Andrew Dreyfus, the President and CEO of Blue Cross Blue Shield of Massachusetts, just published an op-ed in The Hill, a key source of news for Capitol Hill and people following federal legislation. Dreyfus argues strongly that the Senate should reject the provision in the House-passed ACA repeal bill that penalizes people with pre-existing conditions. While economics is an important consideration, he roots his arguments in the core American values of fairness and equality. This adds a new, and important dimension to the debate in Washington:
Our nation is already struggling with enough division — economic, racial, geographic, and political. It would be both tragic and unnecessary to create a new divide between those who are seriously ill and those who are healthy. Rather than trying to fix the pre-existing condition provisions in the House bill, the Senate should take them off the table, permanently. ...
Since 2010, the ACA has guaranteed that individuals with pre-existing conditions are eligible for the same coverage as everyone else, at the same cost. My state, Massachusetts, is one of seven that had pre-existing condition protections in place even before the ACA became law. It’s arguably one of the ACA’s most popular provisions, and it has maintained broad, bipartisan support. Unfortunately, a last-minute addition to the House-passed American Health Care Act (AHCA) reopens the issue by giving states the option of once again allowing insurers to charge higher premiums for individuals with pre-existing medical conditions. The CBO found that, in states choosing this option, “less healthy people would face extremely high premiums.” The Senate should settle the matter by rejecting this provision as unnecessary and divisive. ...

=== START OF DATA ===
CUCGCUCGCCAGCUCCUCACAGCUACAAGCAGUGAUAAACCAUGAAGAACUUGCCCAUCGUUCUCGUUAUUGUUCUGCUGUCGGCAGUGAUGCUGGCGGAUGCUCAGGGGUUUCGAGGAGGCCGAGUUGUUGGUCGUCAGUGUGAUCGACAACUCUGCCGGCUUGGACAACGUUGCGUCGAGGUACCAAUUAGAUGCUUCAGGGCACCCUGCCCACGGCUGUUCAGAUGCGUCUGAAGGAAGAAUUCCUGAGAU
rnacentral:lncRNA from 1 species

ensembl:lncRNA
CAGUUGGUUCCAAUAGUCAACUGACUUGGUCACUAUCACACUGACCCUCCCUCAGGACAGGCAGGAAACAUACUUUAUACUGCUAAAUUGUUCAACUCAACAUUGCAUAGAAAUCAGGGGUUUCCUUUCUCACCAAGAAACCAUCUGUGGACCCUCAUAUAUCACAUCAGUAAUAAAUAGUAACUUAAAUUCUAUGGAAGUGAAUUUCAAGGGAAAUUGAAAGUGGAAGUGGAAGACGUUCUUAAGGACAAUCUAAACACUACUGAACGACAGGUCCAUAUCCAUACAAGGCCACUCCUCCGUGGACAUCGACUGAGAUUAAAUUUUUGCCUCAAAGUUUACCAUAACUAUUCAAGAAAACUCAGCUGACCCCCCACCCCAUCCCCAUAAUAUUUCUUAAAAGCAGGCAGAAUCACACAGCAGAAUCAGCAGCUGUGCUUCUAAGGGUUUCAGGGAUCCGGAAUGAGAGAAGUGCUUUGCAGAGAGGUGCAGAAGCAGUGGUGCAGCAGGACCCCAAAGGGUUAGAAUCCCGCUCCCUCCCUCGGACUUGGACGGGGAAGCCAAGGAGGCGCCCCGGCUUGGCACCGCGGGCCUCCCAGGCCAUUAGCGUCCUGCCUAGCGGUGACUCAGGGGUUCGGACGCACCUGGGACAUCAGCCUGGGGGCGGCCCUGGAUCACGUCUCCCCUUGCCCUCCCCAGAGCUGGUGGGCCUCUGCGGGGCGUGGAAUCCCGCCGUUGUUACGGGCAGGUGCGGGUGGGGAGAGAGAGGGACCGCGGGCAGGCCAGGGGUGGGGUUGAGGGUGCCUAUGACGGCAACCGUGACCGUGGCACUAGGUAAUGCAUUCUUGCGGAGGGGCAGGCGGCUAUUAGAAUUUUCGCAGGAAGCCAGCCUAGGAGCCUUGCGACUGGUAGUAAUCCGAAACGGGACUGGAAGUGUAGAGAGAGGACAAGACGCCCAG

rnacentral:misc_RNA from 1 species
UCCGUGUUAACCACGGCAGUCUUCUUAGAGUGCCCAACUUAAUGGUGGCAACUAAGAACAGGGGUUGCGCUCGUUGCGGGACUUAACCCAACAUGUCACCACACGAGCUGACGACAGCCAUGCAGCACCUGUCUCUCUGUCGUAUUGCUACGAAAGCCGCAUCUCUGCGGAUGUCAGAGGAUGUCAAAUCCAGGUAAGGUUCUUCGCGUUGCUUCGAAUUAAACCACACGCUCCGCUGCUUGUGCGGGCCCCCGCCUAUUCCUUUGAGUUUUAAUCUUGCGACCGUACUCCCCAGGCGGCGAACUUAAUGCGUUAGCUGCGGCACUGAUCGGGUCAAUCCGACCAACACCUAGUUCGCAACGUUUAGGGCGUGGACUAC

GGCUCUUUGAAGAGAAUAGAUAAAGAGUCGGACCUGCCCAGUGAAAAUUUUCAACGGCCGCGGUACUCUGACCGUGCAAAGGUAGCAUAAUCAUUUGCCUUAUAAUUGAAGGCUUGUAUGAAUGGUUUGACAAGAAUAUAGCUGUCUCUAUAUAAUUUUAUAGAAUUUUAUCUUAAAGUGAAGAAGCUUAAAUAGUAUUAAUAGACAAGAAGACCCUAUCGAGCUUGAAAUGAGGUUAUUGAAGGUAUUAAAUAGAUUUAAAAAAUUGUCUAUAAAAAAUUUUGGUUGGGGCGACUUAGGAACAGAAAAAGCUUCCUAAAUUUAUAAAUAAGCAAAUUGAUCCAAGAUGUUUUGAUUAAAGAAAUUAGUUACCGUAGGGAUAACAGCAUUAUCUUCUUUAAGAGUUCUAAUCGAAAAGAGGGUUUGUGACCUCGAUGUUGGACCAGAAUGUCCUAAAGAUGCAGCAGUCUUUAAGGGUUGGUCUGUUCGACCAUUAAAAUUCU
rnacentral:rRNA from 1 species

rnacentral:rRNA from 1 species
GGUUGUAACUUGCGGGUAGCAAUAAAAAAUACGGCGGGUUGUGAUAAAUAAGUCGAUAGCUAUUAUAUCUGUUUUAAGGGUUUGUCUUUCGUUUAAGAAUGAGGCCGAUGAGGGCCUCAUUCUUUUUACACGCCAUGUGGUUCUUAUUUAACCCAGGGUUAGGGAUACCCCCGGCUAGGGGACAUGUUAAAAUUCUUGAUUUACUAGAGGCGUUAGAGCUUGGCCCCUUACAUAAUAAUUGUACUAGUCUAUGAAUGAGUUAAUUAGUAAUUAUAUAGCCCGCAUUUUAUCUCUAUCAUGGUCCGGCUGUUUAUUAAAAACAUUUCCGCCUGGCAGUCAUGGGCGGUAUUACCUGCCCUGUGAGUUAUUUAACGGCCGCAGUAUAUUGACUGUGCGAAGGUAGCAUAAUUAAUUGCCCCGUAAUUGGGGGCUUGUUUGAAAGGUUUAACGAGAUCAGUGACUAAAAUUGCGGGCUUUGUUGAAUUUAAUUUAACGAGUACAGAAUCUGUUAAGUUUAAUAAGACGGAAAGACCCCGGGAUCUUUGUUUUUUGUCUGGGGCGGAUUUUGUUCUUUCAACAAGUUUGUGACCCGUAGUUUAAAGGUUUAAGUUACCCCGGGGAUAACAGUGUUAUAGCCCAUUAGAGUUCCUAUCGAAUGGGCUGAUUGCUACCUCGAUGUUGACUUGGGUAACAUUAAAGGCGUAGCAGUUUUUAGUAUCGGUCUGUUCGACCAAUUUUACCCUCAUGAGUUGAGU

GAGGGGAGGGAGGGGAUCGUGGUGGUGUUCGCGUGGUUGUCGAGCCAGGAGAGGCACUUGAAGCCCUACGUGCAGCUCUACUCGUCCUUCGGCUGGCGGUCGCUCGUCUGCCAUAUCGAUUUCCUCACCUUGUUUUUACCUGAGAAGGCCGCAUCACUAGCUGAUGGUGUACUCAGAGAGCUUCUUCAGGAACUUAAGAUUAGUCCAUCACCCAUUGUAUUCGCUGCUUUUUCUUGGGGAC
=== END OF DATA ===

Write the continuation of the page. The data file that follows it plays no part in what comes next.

A return to charging higher premiums for people with pre-existing conditions would also reinforce the mistaken notion that serious illness stems largely from personal choice. Most illness and disability is due not to choice but to bad luck and bad circumstances — the accidents of birth and life, including genes, economic and social factors, workplace conditions, and exposure to infection and toxins.
Dreyfus also critiques other parts of the proposal, including the deep cuts to Medicaid (our MassHealth program), and the reductions in assistance for people buying coverage through health insurance marketplaces like our Health Connector.